Golden Alexander Leaf

Amorpha fruticosa , Indigo Bush,
Sprouting next to Crown Vetch (Coronilla varia)
Riparian Buffer
The Amorpha fruticosa  (native perennial) was planted in the Creek Field but
sprouted in the Riparian Buffer.
The Crown Vetch is an invasive, non-native volunteer--potentially
very damaging to the restoration.  
Lamium amplexicaule
Introduced from Europe
Annual or biennial
Covering Creek Field!

Canada Milkvetch
Astragalus canadensis
Native perennial
Planted in the Creek Field,
Growing in the Creek Field (wetland area)!
New growth coming in around last year's seedpod
Drummond's Aster (Symphyotrichum drummondii)  Native Perennial
Creek Field and Riparian Buffer

Restoring Bottomland Prairie: April 2015, Part 1

Agastache nepetoides
Giant Hyssop
Planted in the Creek Field,
sprouting in the Riparian Buffer!
Amorpha fruticosa 
Indigo Bush
Planted in the Creek Field,
growing in the Riparian Buffer!

 April 2015:  The Creek Field comes alive with vegetation--both planted & volunteer.
Ohio Buckeye
Riparian Buffer
Riparian Buffer
Carex Blanda, Creek Field, Volunteer
Ohio Buckeye, Riparian Buffer, Volunteer

Stellaria media Common Chickweed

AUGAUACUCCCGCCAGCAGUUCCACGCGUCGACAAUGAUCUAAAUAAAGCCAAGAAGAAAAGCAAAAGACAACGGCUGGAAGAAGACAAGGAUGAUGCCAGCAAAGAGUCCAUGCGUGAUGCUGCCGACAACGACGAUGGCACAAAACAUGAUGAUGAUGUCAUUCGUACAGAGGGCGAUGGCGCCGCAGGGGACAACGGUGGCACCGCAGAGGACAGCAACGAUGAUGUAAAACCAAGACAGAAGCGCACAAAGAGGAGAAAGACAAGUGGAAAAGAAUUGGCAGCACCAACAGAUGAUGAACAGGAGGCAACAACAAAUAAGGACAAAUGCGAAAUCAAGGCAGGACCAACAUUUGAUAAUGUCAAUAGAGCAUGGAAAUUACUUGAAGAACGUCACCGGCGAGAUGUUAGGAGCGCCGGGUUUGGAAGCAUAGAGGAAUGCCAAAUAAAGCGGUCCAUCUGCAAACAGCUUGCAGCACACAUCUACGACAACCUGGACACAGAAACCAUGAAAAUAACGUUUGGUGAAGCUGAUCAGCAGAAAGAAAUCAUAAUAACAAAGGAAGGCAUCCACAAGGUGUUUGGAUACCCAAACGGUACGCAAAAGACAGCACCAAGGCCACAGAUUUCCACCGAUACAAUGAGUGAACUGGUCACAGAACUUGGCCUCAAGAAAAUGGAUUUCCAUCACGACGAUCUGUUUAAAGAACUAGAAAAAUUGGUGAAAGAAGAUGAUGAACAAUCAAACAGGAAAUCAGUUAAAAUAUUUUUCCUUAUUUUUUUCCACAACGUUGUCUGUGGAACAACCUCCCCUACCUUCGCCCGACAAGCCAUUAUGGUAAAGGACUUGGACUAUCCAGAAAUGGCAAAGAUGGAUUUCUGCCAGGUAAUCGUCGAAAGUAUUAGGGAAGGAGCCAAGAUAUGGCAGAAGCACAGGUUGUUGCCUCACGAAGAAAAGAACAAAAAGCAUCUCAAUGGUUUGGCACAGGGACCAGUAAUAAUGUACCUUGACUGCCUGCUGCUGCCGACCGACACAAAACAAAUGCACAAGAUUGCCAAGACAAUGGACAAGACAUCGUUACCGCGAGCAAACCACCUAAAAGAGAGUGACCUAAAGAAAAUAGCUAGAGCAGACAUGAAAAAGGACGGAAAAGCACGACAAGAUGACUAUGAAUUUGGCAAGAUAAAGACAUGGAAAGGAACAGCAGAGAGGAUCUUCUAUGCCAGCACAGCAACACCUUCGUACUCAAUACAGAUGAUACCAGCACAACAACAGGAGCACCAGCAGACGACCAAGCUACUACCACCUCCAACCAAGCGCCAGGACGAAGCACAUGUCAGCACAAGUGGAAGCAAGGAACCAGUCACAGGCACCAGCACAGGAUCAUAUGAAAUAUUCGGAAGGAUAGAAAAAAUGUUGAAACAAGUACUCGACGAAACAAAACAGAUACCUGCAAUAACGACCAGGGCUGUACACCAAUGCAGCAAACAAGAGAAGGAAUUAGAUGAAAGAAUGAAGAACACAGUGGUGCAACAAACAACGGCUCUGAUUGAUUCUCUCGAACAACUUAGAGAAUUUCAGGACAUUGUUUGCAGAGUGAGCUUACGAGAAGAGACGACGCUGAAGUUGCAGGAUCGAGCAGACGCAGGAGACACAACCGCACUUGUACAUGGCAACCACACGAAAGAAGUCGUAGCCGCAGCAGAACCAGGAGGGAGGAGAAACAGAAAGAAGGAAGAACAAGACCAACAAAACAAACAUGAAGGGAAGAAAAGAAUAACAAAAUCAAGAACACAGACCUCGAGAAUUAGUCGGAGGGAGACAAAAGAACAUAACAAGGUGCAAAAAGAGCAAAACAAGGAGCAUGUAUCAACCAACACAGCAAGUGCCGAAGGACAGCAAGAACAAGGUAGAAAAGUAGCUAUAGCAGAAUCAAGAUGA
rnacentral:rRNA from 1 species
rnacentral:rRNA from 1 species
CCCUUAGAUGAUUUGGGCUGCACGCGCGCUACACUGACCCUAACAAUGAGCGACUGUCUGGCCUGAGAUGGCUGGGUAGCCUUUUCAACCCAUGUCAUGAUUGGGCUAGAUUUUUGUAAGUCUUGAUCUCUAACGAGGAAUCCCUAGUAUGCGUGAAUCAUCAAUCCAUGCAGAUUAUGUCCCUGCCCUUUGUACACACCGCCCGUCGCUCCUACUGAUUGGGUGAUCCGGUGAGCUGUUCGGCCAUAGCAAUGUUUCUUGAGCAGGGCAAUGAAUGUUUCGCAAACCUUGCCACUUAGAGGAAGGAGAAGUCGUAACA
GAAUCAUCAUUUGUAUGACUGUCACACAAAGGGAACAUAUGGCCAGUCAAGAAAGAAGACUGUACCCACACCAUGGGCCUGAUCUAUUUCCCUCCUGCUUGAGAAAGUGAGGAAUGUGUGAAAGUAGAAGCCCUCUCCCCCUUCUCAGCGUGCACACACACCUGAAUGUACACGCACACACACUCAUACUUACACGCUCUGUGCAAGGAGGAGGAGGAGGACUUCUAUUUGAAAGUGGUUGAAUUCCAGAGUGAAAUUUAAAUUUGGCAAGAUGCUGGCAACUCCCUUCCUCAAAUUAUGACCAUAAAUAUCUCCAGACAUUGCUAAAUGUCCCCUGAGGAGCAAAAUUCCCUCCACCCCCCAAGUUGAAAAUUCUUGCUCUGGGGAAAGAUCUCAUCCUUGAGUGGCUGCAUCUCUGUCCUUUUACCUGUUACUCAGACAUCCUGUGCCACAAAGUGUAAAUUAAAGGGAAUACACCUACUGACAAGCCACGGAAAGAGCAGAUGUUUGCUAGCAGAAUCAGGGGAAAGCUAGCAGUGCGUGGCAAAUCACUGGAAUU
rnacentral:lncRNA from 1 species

Pink Family
on creek bank

Hedge Parsley, Torilis arvensis, Non-native annual,
This photo was taken in March 2016.   I'm including it here because I don't have a photo of it
from April 2015, but it was all over the Creek Field like a carpet in April 2015.
It came up just like this, green through the dead stalks of last year's growth.     
It is important, because every perennial that came up in the Creek Field had to push Hedge Parsley aside.
The ability of perennials to do exactly that is a source of great joy!

Friday, February 12, 2016

New Species for Bird Runner! Red Osier Dogwood

Thanks to Al Alspach, who spotted this variety of dogwood, Cornus sericea, a new species for us at Bird Runner!    Al saw it along our stretch of McDowell Creek, next to the Creek Field.   I had seen it, too, but assumed it was Rough-leaved Dogwood with unusually red stems!  
Al identified it for us.  It is a native species, widespread in North America.  It is also known (for obvious reasons) as Red-twig Dogwood, Red-stem Dogwood, & Red Willow.   Consistent with where we found it, it is also called Creek Dogwood.

I am eager to see it when it blooms--and then compare it to Rough-leaved Dogwood.  One more thing to look forward to this spring!